The Grove Place Action Committee’s annual D. Hamilton Jackson Day celebration at Grove Place drew hundreds of Crucians and Virgin Islanders to honor one of the “founding fathers of the Virgin Islands of the United States.”
Raymond Williams, president of the GPAC, said he expected a large turnout to picnic on the almost 400 pounds of top round cooked and offered to the community in traditional celebration of Bull and Bread Day.
The park was tent-filled with vendors selling crafts, homemade pastries, local food and drinks and toys for the youth.
The mild weather and the grassy park were a haven for a family and community day of reverence, respect and festivity. A few drops of rain did not discourage the crowd, which included the elderly and the younger adults, teenagers and the very young, gubernatorial and senatorial candidates and their supporters, all gathered to celebrate and pay homage to a V.I. hero.
The annual commemoration drew folks from every corner of the island to make up for the year missed due to the hurricanes.
Jackson was born on Sept. 28, 1884 at Estate East Hill on St. Croix in the Danish West Indies. By the time he was 16 years, he worked as a bookkeeper for David Canegata in his dry goods store in Christiansted.
In his talk Thursday, Percival “Tahema” Edwards reminded the audience of Jackson’s intellect and his ability to use his knowledge to fight against injustices toward his people.
“At the beginning of the twentieth century in 1902-1903, Jackson signed his first petition revising the 1863 Colonial Law,” said Edwards.
Both Jackson’s parents were teachers at East Hill School, where his education began and where he later became a teacher in 1911.
At the age of seven, Jackson told his parents he wanted to become a Moravian minister. He pursued that dream at the Moravian College in Philadelphia in 1913 and by 1914, and he returned home as a Moravian minister.
Ralph Bough assisted Jackson in 1915 in organizing the first labor union on St. Croix: the St. Croix Labor Union. As president of the organization, he was instrumental in helping laborers organize protests and discussions to garner better working conditions and higher wages, instead of them taking part in past physical uprisings.
Jackson spent three months in Denmark challenging a 1779 ordinance of censorship on all publications in the islands. He was successful in his petition for a free press, and the censorship was removed. He returned home and published the first free press publication on St. Croix, the Herald.
Edwards said, “As editor of the Herald, Jackson used it to educate the laboring class, giving them a voice to expose corruption.”
“He gave the people the strength that our “Black Moses” stood up to the King of Denmark and the Parliament,” said Edwards.
Olu Massey said he has lived on St. Croix for more than forty years and returns to Grove Place every year to celebrate his hero D. Hamilton Jackson.
“I feel it’s important to contribute my energy by being here today,” said Massey. I have a business and I closed my shop today in honor of what he’s done and how he did it at a peak time when the labor union was at its height.”
“Now everyone didn’t get along with everyone, but they came together to accomplish their goal. It’s a very powerful expression of Afrocentric development and inner development and unity,” he said.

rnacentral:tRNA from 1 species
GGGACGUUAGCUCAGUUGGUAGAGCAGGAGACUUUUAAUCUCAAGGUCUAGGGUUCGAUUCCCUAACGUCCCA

Jackson was instrumental in gaining support for the transfer of the islands, after his frustration with the Danish government’s empty promises for reform. In 1917, the Danish West Indies was transferred to the United States.
Governor Kenneth Mapp, Congresswoman Stacey Plaskett, and Senate President Myron Jackson spoke to the celebration of the day.
“I consider him one of the founding fathers of the Virgin Islands of the U.S. I am reminded of the lineage of the extraordinary resilience and self determination from whence these Crucians and Virgin Islanders came,” said Plaskett.
“Indeed I am reminded of that resilience demonstrated by the Baobab on which our ancestors posted a copy of the Herald,” she said. “I am especially proud to see hundreds of Virgin Islanders here to celebrate.”
In 1923 to 1926, Jackson served on the Colonial Council of St. Croix and on the Municipal Council of St. Croix in 1941 and 1946. It was during these terms he often served as a spokesperson, and traveled to the nation’s capital in the latter period to speak on pertinent issues affecting the new U.S. territory, like citizenship for the islands’ people.
“When it comes to recognizing who our heroes are – our local heroes – who have contributed so much to our community and have impacted the greater region, we have to be here. We have to be here to support that,” said one attendee of the meeting named Alexis.
“Jackson was very intelligent, very focused in terms of what he wanted to get done. He achieved something in his time that was remarkable, that was revolutionary, that was genius,” Alexis said.
Jackson practiced in his law firm from 1927 to 1931 and provided legal services, often without charge, to islanders.
From 1931 to 1941, Jackson served as a judge of the Municipal Court of St. Croix and played a role in the development of the 1936 Organic Act, which gave the territory a measure of self-governance over internal affairs.
Jackson died on May 30, 1946 in Christiansted, St. Croix. He is remembered as a fearless and eloquent leader and an important figure in the struggle for increased civil rights and workers’ rights on the islands.
David Hamilton Jackson Day is a legal holiday in the U.S. Virgin Islands and public schools, local government offices, V.I. Superior Court and the Legislature were closed. It is also a banking holiday.